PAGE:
Christine is worried that it will come out that she lied, and have a negative effect on Stephen’s trial; she thinks people won’t believe her when she says Stephen is innocent because she’s lied about Lucky. She’s right to be worried; just before the jury retires, the news is announced that Lucky’s conviction has been dismissed and he’s been freed, and the judge is damning in his assessment to the jury of why Lucky was freed.
As Stephen leaves court after hearing the news, he knows that Lucky’s freedom means his incarceration.
Where have Stephen’s friends gone?
Among Stephen’s influential friends are politicians, civil servants and members of the landed gentry. But they all seem to abandon him when he needs them most, despite his years of loyalty to them.
At the beginning of the episode, a series of Stephen’s so-called friends and acquaintances gather in the Athenaeum Club, where William Rees-Davies (Paul Ryan), a Conservative minister and barrister, asks them to consider whether or not they will act as characters witnesses for Stephen. Michael Eddowes (Anton Lesser), who we saw early in the series being introduced to Christine, suggests they wait and see what one of Stephen’s oldest friends, Lord Astor, does.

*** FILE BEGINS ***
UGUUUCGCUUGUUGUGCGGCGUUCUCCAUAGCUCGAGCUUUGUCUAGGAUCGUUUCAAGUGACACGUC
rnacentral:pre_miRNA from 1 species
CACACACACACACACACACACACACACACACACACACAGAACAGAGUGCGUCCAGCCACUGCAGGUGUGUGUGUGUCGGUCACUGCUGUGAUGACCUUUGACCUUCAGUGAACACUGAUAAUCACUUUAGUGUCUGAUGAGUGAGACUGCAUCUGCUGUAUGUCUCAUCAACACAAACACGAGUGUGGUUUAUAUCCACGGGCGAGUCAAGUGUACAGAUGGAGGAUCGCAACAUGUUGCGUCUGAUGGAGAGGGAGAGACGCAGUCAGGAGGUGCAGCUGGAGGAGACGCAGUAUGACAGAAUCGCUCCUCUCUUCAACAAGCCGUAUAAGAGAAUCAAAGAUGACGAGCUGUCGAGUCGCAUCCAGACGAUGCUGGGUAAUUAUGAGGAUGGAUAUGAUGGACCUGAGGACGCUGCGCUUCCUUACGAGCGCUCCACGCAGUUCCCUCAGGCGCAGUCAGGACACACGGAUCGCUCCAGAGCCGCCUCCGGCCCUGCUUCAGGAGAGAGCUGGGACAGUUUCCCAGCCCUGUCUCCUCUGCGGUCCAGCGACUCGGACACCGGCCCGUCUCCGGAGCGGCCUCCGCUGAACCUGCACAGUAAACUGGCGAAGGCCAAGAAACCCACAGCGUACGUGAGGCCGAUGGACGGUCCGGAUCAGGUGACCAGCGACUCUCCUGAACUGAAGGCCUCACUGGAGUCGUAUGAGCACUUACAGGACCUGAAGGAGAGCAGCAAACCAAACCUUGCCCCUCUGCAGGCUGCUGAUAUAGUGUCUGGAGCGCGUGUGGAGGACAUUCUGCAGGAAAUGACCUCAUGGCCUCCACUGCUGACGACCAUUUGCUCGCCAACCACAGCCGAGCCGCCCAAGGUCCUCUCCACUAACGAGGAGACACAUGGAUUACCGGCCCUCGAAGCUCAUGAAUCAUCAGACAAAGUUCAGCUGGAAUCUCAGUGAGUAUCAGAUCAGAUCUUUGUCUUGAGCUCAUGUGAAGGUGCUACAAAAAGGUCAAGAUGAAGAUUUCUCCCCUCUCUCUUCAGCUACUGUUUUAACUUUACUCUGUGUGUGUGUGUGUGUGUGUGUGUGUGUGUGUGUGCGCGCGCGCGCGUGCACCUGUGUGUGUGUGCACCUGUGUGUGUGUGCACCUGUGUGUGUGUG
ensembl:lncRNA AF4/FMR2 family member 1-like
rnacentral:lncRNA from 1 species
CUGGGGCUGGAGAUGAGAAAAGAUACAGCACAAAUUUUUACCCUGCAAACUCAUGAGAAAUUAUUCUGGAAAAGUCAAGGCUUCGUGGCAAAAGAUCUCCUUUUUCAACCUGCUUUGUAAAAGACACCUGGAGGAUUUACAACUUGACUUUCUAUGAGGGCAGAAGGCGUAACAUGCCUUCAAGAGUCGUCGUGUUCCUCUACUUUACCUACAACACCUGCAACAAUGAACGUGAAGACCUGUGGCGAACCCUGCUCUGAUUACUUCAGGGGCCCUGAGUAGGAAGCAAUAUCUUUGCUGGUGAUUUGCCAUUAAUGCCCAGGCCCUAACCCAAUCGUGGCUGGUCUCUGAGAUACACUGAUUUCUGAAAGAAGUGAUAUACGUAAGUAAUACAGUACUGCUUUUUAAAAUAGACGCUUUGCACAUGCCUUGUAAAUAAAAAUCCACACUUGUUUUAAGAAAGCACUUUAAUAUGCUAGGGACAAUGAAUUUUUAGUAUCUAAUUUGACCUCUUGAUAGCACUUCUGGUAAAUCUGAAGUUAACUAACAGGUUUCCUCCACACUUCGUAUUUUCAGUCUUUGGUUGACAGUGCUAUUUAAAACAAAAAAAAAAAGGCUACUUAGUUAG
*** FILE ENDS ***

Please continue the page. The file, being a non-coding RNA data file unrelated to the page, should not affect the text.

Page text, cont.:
Unfortunately for Stephen, Lord Astor has already left the country so he won’t be called to testify as a character witness for Stephen.
Upon hearing the news, the men in the Athenaeum Club literally abandon ship, seeing no reason to speak up for Stephen if a man more powerful than them refuses to do so.
How does the trial and being abandoned by his friends affect Stephen?
Stephen has become increasingly depressed as he’s become increasingly isolated. None of the “friends” he spent years being loyal to will stand up for him, even though he’s innocent. He’s also not really allowed to see Christine and Mandy because of the trial. A sociable person, Stephen finds that, plus hearing lies about himself in court, difficult to handle.
In the final scene of this episode, he writes a letter which he says that he’s found the horror “in court and on the street” unbearable. “It is not only fear, it is a wish not to let them get me,” he writes. “I’d rather get myself.”
As the episode ends, Stephen, having taken a number of pills, falls into unconsciousness.
Images: BBC/Ecosse Films